P. 1
Breast Cancer in Animals

Breast Cancer in Animals

|Views: 409|Likes:

More info:

Published by: Elisabeth Rieping (1950 - 2009) on Feb 17, 2010
Copyright:Traditional Copyright: All rights reserved

Availability:

Read on Scribd mobile: iPhone, iPad and Android.
download as DOC, PDF, TXT or read online from Scribd
See more
See less

05/17/2012

pdf

text

original

Breast Cancer and Early Contact with Bovine Milk Breast Cancer in Animals

Stand / Letzte Aktualisierung durch Elisabeth Rieping 2004/07/27
back

While in wild animals breast cancer seems to be a rare disease, it is not uncommon in zoo and domestic animals. Especially cats and dogs very often develop breast cancer [i],[ii]. If it is a cow’s milk born disease this is not surprising as pet animals often serve a infant substituts and get milk, especially if they are young. If one talks with people breeding this animals they always give the advice that one should not do it, because the animals get diarrhoe and other problems. Obviously these problems are well

Milk adapted for raising young cats.

known, because feeding pets, especially young ones, with milk products is common. Zoo animals too, are often raised with cow’s milk mixtures, if their captured mothers do not show appropiate behavior to the infant and there is is no other way to bring it up. An other animal developing breast cancer seems to be mus domesticus, the house mouse which likes human food and waste and tries to get it, without being domesticated. On the other hand there is an animal known to lack breast cancer. It is the cow. If one looks in books on buatric (cow’s) disease, the similarity of the content to books on women’s disease is obvious. So the lack of mammary neoplasms in cows was always found to be surprising. It is not so surprising if one speculates that the human breast cancer may be a disease which is transmitted by a cow’milk born virus.

Milk for raising infant dogs
As mentioned before, viruses often do not cause dangerous disease in their long term hosts. If they did, this would be deleterious to themselves depriving the virus of its home and place to multiply. So evolution works in favor of a benign outcome of infections. But if by chance the virus finds entrance to a new species or race to which it is not yet adapted, the before benign agent may cause dangerous disease. That’s what we see now occurring after the infection of humans by the Human Immundefiency Viruses HIV. In their original simian host this virus cannot become connected with any harm. But in humans, which they infected only recently, they cause deadly disease in nearly every infected individual. An animal, to my knowlegde new to the human household, is the hedgehog. People take little hedgehogs out of the garden because they want to help it to survive the winter. The rational behind is the thought that some infant hedgehogs are to small to manage the situation themselves. There are also clubs for this hedgehog helpers which warn on their homepage to give milk to the animals. Probably because it is done so often. Actually, on the first homepage of hedgehog helpers I visited, besides the warning against using milk as food, I saw a picture with a just rescued baby hedgehog clinging to a typical baby bottle filled with white stuff looking like milk. Probably because this animal was not perceived as a hedgehog but as a baby hedgehog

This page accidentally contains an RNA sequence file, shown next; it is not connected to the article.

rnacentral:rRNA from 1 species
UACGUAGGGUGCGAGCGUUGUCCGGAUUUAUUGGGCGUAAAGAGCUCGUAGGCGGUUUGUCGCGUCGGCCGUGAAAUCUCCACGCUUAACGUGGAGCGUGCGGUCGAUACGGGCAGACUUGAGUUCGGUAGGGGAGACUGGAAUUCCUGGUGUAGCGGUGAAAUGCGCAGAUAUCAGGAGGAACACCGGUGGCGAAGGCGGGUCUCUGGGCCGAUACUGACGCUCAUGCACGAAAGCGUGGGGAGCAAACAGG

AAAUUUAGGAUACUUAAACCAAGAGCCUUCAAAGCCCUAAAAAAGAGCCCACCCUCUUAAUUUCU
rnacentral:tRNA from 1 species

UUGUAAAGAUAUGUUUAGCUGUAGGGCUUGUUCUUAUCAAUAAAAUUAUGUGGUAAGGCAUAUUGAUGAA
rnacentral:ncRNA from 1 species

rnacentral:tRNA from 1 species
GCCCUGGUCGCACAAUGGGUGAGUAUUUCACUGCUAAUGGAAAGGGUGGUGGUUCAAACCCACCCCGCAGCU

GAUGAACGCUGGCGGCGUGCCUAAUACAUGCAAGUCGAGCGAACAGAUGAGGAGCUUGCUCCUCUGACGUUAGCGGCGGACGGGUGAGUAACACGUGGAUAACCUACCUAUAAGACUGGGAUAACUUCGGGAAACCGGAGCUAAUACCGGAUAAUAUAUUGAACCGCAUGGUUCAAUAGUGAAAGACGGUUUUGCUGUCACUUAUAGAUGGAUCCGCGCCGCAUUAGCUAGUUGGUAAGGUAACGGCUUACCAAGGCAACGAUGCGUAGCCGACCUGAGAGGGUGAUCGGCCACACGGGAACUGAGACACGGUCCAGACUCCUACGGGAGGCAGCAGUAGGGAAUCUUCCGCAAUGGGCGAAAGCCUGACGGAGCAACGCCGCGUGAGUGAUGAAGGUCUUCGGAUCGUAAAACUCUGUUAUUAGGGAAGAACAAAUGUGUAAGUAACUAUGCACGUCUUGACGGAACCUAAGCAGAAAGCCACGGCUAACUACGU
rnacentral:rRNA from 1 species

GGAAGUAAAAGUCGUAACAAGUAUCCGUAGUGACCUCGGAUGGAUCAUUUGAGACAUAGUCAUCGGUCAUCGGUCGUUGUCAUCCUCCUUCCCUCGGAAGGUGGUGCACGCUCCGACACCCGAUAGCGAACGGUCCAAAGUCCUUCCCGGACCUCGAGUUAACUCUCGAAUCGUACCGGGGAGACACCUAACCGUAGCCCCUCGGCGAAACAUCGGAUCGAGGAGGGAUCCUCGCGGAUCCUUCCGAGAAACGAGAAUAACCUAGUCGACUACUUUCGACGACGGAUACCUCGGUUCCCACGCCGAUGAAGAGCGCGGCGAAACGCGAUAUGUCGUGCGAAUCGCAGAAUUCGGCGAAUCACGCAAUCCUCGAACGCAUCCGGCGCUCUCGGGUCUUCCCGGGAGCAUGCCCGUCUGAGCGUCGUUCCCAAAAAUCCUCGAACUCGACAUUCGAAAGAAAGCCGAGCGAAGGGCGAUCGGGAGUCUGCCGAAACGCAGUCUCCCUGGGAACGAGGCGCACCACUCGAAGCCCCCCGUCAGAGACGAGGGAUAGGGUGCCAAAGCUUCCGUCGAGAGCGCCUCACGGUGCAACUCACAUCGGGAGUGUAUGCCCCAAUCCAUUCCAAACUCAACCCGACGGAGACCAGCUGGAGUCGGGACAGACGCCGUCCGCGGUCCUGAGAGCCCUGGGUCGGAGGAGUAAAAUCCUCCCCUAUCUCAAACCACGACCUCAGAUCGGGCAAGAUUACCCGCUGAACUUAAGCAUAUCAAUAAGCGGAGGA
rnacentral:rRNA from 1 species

In the light of this new habit I was not surprised to find two papers on mammary carcinomas in hedgehogs[iii],[iv].

An infant animal raised by humans probably not with milk of its own species. In this way it may catch new, latent diseases. The animals raised here in Kenya are raised in captivity because their mothers are dead. It is planned that they go back to wilderness as adults. By this way they may introduce a hole bunch of bovine and human infectious agents to the wild elefant population. [i] Casey HW, Giles RC, Kwapien RP. Mammary neoplasia in animals: pathologic aspects and the effects of contraceptive steroids. Recent Results Cancer Res 66: 129-60. [ii] Novasad CA Principles of treatment for mammary gland tumors. Clin Tech Small Anim Pract 18 : 107-9, 2003 [iii] Raymond JT, GernerM. Mammary gland tumors in captive African hedgehogs. J Wildl Dis 36: 405-8. [iv] Wellehan JF, Southhorn E, Smith DA, Taylor WM. Surgical removal of a mammary adenocarcinoma and a granulos cell tumor in an African pygmy hedgehog. Permalink Archive Library of Congress: http://web.archive.org/web/*/http://www.erieping.de/cear6.htm

You're Reading a Free Preview

Download
scribd
/*********** DO NOT ALTER ANYTHING BELOW THIS LINE ! ************/ var s_code=s.t();if(s_code)document.write(s_code)//-->